Sign in with
Sign up | Sign in
Your question

Need Guidance To Choose Right Monitor [Good For Eyes]

Last response: in Computer Peripherals
Share
February 18, 2012 11:55:16 AM

Hi,

I have to work for almost 9 hrs and my current 17" monitor (LG L177wsb) is causing strain in my eyes, a technical geek told me that it doesn't have Anti Glare and Anti Static features that's why it causes strain and it's my cumpulsion to buy a new monitor because a good monitor is must for me to continue working :-

I researched and gained a lot of information and on that basis I shortlisted 3 monitors. First is normal LCD monitor and second & third are IPS monitor, I need your advise to choose best monitor out of it :-

Note: For your convenience, I'm short listing few major points :-


First monitor is :

HP Monitor Model No:- HP LE1901w -- http://www8.hp.com/in/en/products/monitors/product-deta...

19-inch Widescreen LCD Monitor (NK570AA)

Display size (diagonal): 19 in

Aspect ratio Widescreen (16:10)

Resolution: 1440 x 900

Pixel pitch: 0.284 mm

Brightness: 250 cd/m²

Contrast ratio: 1000:1 static

View angle: 160° horizontal 160° vertical

Response time: 5 ms

Product color: Black

Tilt and swivel angle: Tilt: - 5° to + 25°

Display features:- anti-glare and anti-static
Plug and play
Language selection
Physical security: Security Lock-Ready

Input signal
VGA

Power consumption: 23 W maximum; 20 W typical, < 2 W
Energy efficiency: ENERGY STAR® qualified, EPEAT®Silver




Second monitor is :

HP Monitor Model No:- HP ZR2040w (IPS) -- http://www8.hp.com/in/en/products/monitors/product-deta...

20-inch LED Backlit IPS Monitor (LM975A4)

Aspect ratioWidescreen (16:9)

Resolution 1600 x 900

Pixel pitch 0.277 mm

Brightness 250 cd/m²

Contrast ratio 1000:1 static

View angle 178° horizontal 178° vertical

Response time 7 ms gray to gray

Product color: Black and brushed aluminum

Tilt and swivel angle Tilt: -5 to +30°

Display features :- Plug and Play, Anti-glare, User programmable, Language selection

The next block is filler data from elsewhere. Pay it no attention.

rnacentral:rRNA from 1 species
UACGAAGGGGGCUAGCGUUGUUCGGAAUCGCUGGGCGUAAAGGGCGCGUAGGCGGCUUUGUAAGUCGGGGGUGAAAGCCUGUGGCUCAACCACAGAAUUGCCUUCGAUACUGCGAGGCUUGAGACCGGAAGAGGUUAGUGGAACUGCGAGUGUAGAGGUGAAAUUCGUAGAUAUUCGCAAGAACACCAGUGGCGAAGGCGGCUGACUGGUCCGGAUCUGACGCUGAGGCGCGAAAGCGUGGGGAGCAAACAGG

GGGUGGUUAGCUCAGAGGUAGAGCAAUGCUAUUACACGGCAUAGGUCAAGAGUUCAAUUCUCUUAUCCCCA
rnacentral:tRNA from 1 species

Physical security: Security Lock-Ready

Input signal
1 DisplayPort in
1 DVI-D
1 VGA

Power consumption: 33W (maximum), 27W (typical), <0.3W (standby)
Energy efficiency: ENERGY STAR® qualified, EPEAT® Silver




Third monitor is :

DELL Monitor Model No:- Dell UltraSharp U2211H -- http://www1.ap.dell.com/content/topics/global.aspx/snp/...

Dell UltraSharp U2211H 54.6cm (21.5)

Diagonal Viewable Size: 54.6cm (21.5)

Aspect Ratio: Widescreen (16:9)

Panel Type, Surface: IPS (In-Plane Switching), anti glare with hard coat 3H

Optimal Resolution: 1920 x 1080 at 60 Hz

Contrast Ratio: 1000 to 1 (typical), 10,000:1 (dynamic)

Brightness: 250 cd/m2 (typical)

Response Time: 8ms (gray to gray)

Viewing Angle (178° vertical / 178° horizontal)

Color Gamut: 82%2

Color Depth: 16.7 million colors

Pixel Pitch: 0.247 mm

Display Type Flat Panel Display


Connectivity
1 Digital Visual Interface connectors (DVI-D) with HDCP
DisplayPort (DP)
Video Graphics Array (VGA)
1 USB 2.0 upstream port
4 USB 2.0 downstream ports
DC power connector for Dell Soundbar

Power Consumption (Typical): 22W (without audio and USB connection)

ENERGY STAR 5.0 EPEAT Silver



Hope I'll get the true advice from the most knowledgeable guys
a b C Monitor
February 18, 2012 3:48:56 PM

There are several reasons for eyestrain:

1) The monitor is too bright. Most calibrators set it at 120cd/m2.
2) The monitor is set to a cool color temperature. A slightly warm (or amber) temp reduces eye strain.
3) The monitor has pixel inversion (pixel walk) issues. TN panels are much worse for this than IPS panels. Test it here:
http://www.lagom.nl/lcd-test/inversion.php
4) The pixel pitch isn't right for you. In most cases a larger pixel pitch reduces eyestrain, though try not to go over .29
5) The backlight is bad and flickers.

The best monitor I've personally used as far as eyestrain goes is a dell u2410. I tend to think ccfl lit monitors cause less strain than LED, but only because LED is cooler and brighter, and this is easily adjusted.

Of the monitors you listed the best is u2221, but I wouldn't recommend it to you because of the small pixel pitch.

Another big issue can simply be how far you are sitting from it. You should be 20" to 24" away with your eye-level sitting 2/3s of the way up the screen. If you look at your keyboard while you type, it should only be a few inches closer to you than the screen (to keep your eyes from refocusing too often.)
m
1
l
February 19, 2012 7:10:19 AM

MagicPants said:
There are several reasons for eyestrain: